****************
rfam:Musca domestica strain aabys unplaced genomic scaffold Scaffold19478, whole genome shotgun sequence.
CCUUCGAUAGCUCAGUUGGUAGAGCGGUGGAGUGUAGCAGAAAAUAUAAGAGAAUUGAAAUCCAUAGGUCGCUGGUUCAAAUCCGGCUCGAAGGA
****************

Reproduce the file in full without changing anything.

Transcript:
rfam:Musca domestica strain aabys unplaced genomic scaffold Scaffold19478, whole genome shotgun sequence.
CCUUCGAUAGCUCAGUUGGUAGAGCGGUGGAGUGUAGCAGAAAAUAUAAGAGAAUUGAAAUCCAUAGGUCGCUGGUUCAAAUCCGGCUCGAAGGA